|Speaker Boehner taking the Oath of Office|
The inherent problem with the GOP position is that it views health care as a commodity to be enjoyed by those who can afford it rather than a basic human need. They erroneously conflate capitalism with democracy, as though we're still trying to distinguish ourselves from the godless commies of yesteryear. You know what happens when you don't help the sick and injured? They stay sick and injured, or they seek treatment in emergency rooms that cannot legally deny them and then those bills go unpaid. Rather than actually doing something about this problem--which isn't solving itself, despite GOP wishful thinking and willful denial--all Speaker Boehner, et al, have brought to the table is indignant grandstanding about concern for the "burden" to be passed onto hypothetical future generations.
In any event, I think even those with the most hopeful outlook on the future of American health care expected the Patient Protection and Affordable Care Act to be eventually treated like every other well-intentioned government program: gutted whenever possible by legislators whose benefactors stand to gain from its ineffectiveness. Funding will be stymied and legislators who will never experience the effects of their actions firsthand will pride themselves on "doing the right thing" by thwarting this at every turn. This is a microcosm of our entire political system and I'm afraid that the greatest nation on Earth has revealed itself to be petty and short-sighted, fighting not over how to combat a major problem, but whether we should do anything at all.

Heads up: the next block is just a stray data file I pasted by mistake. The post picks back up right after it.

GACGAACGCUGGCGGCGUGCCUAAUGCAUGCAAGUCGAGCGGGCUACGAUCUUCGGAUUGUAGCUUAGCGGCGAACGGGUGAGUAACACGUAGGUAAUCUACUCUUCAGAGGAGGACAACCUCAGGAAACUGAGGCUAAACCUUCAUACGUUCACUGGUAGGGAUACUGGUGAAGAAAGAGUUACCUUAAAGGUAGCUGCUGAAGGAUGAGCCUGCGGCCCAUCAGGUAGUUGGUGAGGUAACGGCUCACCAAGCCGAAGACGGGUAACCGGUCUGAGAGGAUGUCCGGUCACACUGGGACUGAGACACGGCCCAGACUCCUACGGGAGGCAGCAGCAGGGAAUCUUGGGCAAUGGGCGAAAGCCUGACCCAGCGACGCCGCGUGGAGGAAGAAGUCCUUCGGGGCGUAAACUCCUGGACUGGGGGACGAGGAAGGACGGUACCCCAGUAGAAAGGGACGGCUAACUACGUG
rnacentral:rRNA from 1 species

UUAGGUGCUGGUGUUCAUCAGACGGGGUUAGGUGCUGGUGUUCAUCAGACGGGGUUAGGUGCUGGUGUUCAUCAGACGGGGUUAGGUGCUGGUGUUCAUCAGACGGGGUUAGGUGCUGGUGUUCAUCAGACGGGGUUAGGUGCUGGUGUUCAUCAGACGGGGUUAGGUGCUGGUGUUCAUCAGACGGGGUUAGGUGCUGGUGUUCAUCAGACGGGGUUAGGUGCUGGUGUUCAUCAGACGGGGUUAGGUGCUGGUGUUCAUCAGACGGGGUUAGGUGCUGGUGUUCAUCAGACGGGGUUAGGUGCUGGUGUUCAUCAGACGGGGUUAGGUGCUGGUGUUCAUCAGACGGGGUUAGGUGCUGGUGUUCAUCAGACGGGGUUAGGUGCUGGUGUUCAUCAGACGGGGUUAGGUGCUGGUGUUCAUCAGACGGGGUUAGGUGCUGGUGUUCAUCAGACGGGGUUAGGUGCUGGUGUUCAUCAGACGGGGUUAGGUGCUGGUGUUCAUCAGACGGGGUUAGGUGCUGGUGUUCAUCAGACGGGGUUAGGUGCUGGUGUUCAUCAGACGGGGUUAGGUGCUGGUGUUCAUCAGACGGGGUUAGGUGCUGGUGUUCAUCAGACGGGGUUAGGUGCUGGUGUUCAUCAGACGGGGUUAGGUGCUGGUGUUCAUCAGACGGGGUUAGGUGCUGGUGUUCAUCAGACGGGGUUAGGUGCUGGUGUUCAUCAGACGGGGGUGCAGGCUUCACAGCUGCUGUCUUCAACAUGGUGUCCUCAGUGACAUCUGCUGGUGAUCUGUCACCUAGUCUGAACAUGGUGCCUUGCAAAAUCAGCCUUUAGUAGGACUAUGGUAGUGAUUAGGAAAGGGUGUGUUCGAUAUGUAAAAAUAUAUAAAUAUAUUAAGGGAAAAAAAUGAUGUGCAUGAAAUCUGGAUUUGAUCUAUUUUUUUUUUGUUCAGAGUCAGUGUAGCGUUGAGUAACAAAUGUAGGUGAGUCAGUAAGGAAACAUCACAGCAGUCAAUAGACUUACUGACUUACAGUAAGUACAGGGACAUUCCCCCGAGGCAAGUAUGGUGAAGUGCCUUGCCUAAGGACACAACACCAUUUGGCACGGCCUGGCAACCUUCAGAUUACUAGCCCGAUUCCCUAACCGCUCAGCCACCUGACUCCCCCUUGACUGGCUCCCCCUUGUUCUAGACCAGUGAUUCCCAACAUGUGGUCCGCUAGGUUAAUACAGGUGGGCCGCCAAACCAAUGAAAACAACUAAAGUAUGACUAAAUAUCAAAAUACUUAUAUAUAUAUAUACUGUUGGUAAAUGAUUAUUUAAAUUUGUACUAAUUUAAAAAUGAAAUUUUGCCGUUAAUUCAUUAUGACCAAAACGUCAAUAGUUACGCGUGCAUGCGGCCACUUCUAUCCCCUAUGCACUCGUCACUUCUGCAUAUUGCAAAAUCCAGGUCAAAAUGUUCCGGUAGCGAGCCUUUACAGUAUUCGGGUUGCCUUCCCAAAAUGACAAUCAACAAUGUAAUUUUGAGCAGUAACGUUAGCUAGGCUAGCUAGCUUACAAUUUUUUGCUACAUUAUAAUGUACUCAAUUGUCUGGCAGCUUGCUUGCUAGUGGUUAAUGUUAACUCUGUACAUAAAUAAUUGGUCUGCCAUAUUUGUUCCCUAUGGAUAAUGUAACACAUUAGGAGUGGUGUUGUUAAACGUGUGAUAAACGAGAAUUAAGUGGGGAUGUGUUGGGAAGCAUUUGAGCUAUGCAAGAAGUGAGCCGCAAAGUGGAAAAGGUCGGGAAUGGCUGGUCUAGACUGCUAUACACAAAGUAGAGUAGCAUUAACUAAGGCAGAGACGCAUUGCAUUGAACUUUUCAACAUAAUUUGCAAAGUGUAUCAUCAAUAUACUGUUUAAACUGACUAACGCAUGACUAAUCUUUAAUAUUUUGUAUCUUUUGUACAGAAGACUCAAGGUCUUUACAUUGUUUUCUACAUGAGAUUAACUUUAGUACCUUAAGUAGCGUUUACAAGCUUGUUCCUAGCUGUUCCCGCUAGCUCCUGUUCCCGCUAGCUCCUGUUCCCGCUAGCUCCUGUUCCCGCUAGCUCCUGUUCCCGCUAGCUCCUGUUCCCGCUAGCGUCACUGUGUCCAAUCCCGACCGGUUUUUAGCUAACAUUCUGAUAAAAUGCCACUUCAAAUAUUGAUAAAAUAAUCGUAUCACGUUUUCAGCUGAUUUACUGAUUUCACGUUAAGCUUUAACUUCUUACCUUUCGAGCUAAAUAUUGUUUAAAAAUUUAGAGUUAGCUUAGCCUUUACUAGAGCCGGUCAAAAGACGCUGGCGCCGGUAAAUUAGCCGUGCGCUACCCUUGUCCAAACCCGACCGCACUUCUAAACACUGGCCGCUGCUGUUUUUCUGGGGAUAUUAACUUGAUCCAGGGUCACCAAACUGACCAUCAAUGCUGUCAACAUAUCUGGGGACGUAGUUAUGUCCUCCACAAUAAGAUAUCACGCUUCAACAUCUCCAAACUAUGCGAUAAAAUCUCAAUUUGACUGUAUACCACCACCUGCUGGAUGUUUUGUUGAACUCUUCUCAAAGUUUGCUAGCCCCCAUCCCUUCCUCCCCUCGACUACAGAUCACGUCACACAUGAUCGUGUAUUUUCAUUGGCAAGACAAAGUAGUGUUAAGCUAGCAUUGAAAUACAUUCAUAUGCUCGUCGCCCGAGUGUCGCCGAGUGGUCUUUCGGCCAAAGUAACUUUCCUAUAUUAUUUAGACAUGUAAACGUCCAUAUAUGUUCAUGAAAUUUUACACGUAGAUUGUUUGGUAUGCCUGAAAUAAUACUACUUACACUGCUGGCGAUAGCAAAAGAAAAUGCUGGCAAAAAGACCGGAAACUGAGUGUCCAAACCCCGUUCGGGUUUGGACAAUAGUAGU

There is one more aspect of this "debate" that has not received any significant attention, and that is the effect that this has had on those who actually stand to finally gain coverage. Most people don't know what it's like to have their entire lives derailed by changes in their health. They don't know what it's like to be told that every aspiration they ever had is now nothing more than a fantasy; that their reality will henceforth revolve around lab tests, visits to doctors and that their good days will be the kind of uneventful days that everyone else finds mundane. The message from Speaker Boehner and his supporters in Congress has been unmistakable: You are unwanted. You are a burden, and we would be better off without you.
Does it sound like I'm taking this personally? If so, it's because I am. You'd better believe I take health care personally. It's not about abstract ideas over how paternal the federal government should be. My life has already peaked; I can hope that tomorrow isn't worse than today but I know I will never again have a tomorrow as good as yesterday. The only thing that stands between me and complete hopelessness is the security of having medical coverage--coverage that was legally withheld from me prior to the Patient Protection and Affordable Care Act of 2010. So, Speaker Boehner, when you presume to speak on my behalf I would appreciate it if you could admit that you do not, in fact, have my interests on your mind. If you did, you'd have something constructive to say instead of wagging your finger that some kid yet to be born might be (gasp!) taxed to help fund a system in which I--and he or she--won't be left out in the cold.